After (2) The former coffee table (lower left) is great for staging fabric.

Book Review (plus) The Sewing Machine by Natalie Fergie

13 Mar

 

Love this!  “One sewing machine, two families, three secrets, four generations and millions of stitches”.

This book was funded by readers through a new website:  Unbound.com…a modern version of Samuel Johnson’s idea funding publishing of his dictionary in 1755 in today’s jargon…crowd sourcing. https://en.wikipedia.org/wiki/A_Dictionary_of_the_English_Language

  1. Elfcroft loves sewing and posts about charity projects about a dozen times a year.
  2. The owners of this very special sewing machine kept notebooks/journals/log of every task.  This created a marvelous record (including thread and fabric samples) of the needs and wants of life during the 20th century Scotland.
  3. I loved the inside story of Singer’s major manufacturing operation circa 1911.  Sewing machines empowered their owners to unleash talent and progress.
  4. Natalie brings the family legacy to the present with two paths…one using the machine as is, the second-recycling machine parts into art projects.
  5. The personal stories are as poignant as sewing is important.

Recommended!

Priority: Days for Girls International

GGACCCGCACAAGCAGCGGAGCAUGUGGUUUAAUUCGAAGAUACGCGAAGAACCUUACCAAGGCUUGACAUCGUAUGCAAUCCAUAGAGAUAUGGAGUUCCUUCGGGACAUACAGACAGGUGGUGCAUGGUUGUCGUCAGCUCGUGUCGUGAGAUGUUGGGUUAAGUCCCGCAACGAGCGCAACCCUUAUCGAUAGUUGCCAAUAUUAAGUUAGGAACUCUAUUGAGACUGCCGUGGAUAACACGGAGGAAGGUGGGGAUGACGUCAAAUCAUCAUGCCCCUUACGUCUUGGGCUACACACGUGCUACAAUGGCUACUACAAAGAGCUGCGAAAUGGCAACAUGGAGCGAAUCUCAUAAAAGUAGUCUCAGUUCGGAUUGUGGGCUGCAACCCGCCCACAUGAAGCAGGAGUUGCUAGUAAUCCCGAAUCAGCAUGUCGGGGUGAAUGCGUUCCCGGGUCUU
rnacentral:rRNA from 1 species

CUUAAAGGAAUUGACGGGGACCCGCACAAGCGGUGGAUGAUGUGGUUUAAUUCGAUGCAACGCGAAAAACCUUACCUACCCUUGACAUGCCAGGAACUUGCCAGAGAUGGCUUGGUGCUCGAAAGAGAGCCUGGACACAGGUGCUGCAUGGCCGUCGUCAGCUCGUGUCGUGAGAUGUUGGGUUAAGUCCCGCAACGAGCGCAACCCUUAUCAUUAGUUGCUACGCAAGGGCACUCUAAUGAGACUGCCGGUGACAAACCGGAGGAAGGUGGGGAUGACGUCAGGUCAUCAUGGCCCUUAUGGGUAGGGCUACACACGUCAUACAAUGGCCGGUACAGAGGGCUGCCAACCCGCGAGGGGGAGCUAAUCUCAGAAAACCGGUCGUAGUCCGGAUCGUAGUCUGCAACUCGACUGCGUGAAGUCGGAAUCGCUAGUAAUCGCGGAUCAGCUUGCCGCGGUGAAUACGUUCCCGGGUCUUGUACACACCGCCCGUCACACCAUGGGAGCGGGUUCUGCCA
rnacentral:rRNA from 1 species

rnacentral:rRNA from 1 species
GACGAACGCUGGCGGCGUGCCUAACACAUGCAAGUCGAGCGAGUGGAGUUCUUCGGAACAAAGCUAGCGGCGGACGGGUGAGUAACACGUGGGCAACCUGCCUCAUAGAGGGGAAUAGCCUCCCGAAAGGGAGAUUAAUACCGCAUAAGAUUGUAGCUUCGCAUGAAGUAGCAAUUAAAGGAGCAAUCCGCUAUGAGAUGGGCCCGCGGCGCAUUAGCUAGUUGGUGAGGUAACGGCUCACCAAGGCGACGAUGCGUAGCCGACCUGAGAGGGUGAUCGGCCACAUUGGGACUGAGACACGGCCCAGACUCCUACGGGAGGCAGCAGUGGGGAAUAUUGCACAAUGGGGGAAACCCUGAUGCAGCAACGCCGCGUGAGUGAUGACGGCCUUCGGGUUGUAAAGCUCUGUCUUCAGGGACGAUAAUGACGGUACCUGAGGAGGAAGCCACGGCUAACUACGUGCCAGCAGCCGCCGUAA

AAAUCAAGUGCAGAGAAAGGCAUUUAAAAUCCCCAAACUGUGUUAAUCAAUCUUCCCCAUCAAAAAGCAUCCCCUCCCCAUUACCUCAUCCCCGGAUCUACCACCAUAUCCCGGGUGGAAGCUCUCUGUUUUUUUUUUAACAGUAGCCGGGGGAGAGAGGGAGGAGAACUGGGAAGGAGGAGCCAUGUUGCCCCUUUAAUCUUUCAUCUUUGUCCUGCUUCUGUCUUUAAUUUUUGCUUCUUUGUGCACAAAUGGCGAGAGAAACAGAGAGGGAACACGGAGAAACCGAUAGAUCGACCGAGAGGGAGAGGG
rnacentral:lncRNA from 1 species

30 Jan

Eve helps me prepare Elfcroft’s eleventh shipment of

feminine hygiene pads and shields for Days for Girls International kits.

https://www.daysforgirls.org

January begins year five of our support.

We ship to chapters based in DesMoines Iowa for assembly and distribution globally.

Eight different colors and patterns for reversible trifold pads that fill each kit.

80 shields with pockets, wings and PUL lining will support 40 kits.

 

Another day for DfGI

5 Dec

https://www.daysforgirls.org

Here is a quick look at 160 shields in process (supporting 80 kits)…

Shields have five pieces:  Four from cotton prints and one PUL or polyurethane laminate.

Two pieces of the cotton print make the front at back of the shield (for maximum interest I choose different prints).

The other two pieces of cotton print are for “pockets”.  They are folded and topstitched before assembly.

DfGI shield before assembly

If it is not obvious, this is a LOT of cutting and ironing.

Pairs, right side facing, Grouped in 10s

End view of dozens of “pockets” folded and top stitched. Ready for assembly.

 

 

 

 

 

 

 

 

Here I sew again, preparing to ship in 2018.